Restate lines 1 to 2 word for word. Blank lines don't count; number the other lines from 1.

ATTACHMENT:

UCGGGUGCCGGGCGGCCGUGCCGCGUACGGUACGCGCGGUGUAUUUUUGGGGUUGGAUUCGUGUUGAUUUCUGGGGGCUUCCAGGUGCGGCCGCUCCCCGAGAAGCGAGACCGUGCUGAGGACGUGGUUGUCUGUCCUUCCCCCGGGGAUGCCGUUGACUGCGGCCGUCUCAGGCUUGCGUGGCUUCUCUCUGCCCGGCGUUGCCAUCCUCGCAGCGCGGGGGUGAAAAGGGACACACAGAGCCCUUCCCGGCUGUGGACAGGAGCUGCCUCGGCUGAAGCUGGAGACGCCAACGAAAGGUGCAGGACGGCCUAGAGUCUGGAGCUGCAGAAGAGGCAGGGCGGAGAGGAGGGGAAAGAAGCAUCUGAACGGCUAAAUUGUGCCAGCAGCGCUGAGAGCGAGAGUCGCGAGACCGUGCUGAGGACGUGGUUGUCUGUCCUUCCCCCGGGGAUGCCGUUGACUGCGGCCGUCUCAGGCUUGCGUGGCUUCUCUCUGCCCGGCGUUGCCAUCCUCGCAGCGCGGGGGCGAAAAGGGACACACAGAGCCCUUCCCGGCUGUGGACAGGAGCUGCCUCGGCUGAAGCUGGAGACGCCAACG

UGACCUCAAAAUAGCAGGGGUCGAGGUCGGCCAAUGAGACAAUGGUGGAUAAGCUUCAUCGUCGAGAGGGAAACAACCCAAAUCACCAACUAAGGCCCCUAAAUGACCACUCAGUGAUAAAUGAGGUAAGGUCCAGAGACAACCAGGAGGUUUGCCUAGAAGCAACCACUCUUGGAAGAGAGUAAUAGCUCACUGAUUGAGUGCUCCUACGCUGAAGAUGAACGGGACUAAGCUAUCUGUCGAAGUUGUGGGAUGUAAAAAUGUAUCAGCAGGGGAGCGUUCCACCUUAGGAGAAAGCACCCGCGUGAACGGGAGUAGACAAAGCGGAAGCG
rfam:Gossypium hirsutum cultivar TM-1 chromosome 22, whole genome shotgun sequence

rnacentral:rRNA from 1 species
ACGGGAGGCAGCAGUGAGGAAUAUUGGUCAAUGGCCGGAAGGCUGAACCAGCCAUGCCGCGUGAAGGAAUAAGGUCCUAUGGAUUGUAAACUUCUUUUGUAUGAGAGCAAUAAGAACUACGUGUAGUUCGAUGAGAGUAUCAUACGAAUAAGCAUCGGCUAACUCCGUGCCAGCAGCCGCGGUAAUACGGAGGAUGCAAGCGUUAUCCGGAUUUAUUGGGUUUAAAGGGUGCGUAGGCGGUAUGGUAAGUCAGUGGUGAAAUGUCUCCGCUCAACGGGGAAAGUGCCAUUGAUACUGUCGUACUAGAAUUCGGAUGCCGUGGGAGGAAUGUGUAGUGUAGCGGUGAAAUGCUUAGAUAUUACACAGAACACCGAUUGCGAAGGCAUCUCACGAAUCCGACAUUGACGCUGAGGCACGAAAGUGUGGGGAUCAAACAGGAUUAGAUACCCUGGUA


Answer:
UCGGGUGCCGGGCGGCCGUGCCGCGUACGGUACGCGCGGUGUAUUUUUGGGGUUGGAUUCGUGUUGAUUUCUGGGGGCUUCCAGGUGCGGCCGCUCCCCGAGAAGCGAGACCGUGCUGAGGACGUGGUUGUCUGUCCUUCCCCCGGGGAUGCCGUUGACUGCGGCCGUCUCAGGCUUGCGUGGCUUCUCUCUGCCCGGCGUUGCCAUCCUCGCAGCGCGGGGGUGAAAAGGGACACACAGAGCCCUUCCCGGCUGUGGACAGGAGCUGCCUCGGCUGAAGCUGGAGACGCCAACGAAAGGUGCAGGACGGCCUAGAGUCUGGAGCUGCAGAAGAGGCAGGGCGGAGAGGAGGGGAAAGAAGCAUCUGAACGGCUAAAUUGUGCCAGCAGCGCUGAGAGCGAGAGUCGCGAGACCGUGCUGAGGACGUGGUUGUCUGUCCUUCCCCCGGGGAUGCCGUUGACUGCGGCCGUCUCAGGCUUGCGUGGCUUCUCUCUGCCCGGCGUUGCCAUCCUCGCAGCGCGGGGGCGAAAAGGGACACACAGAGCCCUUCCCGGCUGUGGACAGGAGCUGCCUCGGCUGAAGCUGGAGACGCCAACG

UGACCUCAAAAUAGCAGGGGUCGAGGUCGGCCAAUGAGACAAUGGUGGAUAAGCUUCAUCGUCGAGAGGGAAACAACCCAAAUCACCAACUAAGGCCCCUAAAUGACCACUCAGUGAUAAAUGAGGUAAGGUCCAGAGACAACCAGGAGGUUUGCCUAGAAGCAACCACUCUUGGAAGAGAGUAAUAGCUCACUGAUUGAGUGCUCCUACGCUGAAGAUGAACGGGACUAAGCUAUCUGUCGAAGUUGUGGGAUGUAAAAAUGUAUCAGCAGGGGAGCGUUCCACCUUAGGAGAAAGCACCCGCGUGAACGGGAGUAGACAAAGCGGAAGCG